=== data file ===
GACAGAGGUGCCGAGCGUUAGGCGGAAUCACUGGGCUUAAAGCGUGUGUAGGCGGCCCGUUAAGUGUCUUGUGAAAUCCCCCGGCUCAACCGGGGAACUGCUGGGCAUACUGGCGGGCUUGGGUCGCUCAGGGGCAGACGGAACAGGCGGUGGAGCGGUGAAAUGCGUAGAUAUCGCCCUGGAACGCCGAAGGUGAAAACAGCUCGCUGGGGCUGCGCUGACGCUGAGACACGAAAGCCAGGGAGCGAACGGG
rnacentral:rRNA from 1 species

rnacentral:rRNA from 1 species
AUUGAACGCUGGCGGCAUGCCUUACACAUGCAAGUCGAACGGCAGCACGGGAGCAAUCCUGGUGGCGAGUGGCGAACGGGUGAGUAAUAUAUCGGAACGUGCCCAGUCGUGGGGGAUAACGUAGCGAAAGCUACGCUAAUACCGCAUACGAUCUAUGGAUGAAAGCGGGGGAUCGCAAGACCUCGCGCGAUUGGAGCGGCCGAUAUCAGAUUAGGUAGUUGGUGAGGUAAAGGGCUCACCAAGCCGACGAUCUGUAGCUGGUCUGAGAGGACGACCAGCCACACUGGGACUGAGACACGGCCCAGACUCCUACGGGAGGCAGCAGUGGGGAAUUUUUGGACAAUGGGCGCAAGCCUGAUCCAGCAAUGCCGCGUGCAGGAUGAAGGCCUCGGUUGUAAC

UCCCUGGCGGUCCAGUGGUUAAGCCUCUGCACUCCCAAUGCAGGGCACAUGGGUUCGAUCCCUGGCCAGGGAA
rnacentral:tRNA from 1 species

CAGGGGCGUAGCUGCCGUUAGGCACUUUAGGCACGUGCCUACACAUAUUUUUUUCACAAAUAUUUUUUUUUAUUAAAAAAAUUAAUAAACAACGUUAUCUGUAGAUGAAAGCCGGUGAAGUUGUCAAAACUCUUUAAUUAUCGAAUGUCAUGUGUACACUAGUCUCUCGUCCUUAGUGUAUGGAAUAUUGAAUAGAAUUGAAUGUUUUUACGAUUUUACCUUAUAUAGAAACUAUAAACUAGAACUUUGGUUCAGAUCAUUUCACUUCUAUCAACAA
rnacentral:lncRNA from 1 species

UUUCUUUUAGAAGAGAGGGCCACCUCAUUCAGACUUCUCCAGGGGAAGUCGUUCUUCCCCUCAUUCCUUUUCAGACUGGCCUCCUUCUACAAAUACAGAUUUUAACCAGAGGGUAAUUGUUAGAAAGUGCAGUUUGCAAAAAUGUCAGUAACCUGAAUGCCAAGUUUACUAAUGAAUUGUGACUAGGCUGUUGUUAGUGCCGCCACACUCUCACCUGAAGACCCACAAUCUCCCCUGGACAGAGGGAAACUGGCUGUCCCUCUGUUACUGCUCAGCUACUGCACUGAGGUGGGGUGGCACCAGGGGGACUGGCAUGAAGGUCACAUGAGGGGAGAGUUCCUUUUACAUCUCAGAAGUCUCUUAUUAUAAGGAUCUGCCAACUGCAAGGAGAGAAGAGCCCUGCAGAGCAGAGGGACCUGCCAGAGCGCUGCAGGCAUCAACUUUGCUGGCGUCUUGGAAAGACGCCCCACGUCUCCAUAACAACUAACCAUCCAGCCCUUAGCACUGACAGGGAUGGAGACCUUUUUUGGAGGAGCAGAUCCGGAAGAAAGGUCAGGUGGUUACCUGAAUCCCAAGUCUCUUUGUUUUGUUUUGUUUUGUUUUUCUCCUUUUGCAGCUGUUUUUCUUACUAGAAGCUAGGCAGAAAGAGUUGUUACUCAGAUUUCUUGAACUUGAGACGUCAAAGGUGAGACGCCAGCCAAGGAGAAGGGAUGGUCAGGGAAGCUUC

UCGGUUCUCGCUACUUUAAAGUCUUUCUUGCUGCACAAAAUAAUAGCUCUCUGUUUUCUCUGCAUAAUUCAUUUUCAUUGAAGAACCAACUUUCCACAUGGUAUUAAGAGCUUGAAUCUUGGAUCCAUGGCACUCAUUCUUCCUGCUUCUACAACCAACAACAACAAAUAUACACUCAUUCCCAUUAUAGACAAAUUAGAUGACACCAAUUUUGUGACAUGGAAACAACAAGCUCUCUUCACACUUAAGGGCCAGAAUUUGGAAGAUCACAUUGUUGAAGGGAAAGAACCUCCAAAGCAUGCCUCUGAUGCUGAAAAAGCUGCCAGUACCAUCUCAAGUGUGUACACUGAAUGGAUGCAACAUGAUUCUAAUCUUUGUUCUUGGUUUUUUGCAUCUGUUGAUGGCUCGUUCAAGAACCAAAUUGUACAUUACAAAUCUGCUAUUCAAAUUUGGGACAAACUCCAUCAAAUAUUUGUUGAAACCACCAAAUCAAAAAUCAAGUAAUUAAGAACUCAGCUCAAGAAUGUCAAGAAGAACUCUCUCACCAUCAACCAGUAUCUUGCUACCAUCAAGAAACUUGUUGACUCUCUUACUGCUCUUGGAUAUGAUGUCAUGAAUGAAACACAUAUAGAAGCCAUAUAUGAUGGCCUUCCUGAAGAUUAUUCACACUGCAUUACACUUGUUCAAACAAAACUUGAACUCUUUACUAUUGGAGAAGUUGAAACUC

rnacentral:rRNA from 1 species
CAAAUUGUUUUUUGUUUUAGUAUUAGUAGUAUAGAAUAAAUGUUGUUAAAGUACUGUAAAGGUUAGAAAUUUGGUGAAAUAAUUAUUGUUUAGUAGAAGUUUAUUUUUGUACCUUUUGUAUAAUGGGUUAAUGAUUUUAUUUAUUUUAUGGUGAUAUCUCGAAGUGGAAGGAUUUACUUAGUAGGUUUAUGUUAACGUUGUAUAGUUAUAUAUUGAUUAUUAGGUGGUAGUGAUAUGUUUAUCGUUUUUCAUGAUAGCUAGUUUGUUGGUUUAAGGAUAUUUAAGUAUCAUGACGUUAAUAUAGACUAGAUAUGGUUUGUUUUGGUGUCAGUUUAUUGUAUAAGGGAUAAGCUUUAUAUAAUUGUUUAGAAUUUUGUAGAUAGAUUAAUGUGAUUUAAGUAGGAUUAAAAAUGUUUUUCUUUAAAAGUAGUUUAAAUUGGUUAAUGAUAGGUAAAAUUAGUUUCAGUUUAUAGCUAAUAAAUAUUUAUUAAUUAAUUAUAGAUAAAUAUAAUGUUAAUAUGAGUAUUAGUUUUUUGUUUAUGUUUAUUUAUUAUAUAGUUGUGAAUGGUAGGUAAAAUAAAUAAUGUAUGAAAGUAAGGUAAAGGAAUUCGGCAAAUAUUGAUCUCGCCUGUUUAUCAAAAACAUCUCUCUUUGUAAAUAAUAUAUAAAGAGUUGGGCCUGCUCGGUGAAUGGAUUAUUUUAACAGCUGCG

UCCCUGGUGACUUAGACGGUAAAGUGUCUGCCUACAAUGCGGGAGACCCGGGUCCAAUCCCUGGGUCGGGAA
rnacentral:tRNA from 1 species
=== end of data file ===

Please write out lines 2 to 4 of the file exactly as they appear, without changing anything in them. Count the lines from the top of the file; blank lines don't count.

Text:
rnacentral:rRNA from 1 species

rnacentral:rRNA from 1 species
AUUGAACGCUGGCGGCAUGCCUUACACAUGCAAGUCGAACGGCAGCACGGGAGCAAUCCUGGUGGCGAGUGGCGAACGGGUGAGUAAUAUAUCGGAACGUGCCCAGUCGUGGGGGAUAACGUAGCGAAAGCUACGCUAAUACCGCAUACGAUCUAUGGAUGAAAGCGGGGGAUCGCAAGACCUCGCGCGAUUGGAGCGGCCGAUAUCAGAUUAGGUAGUUGGUGAGGUAAAGGGCUCACCAAGCCGACGAUCUGUAGCUGGUCUGAGAGGACGACCAGCCACACUGGGACUGAGACACGGCCCAGACUCCUACGGGAGGCAGCAGUGGGGAAUUUUUGGACAAUGGGCGCAAGCCUGAUCCAGCAAUGCCGCGUGCAGGAUGAAGGCCUCGGUUGUAAC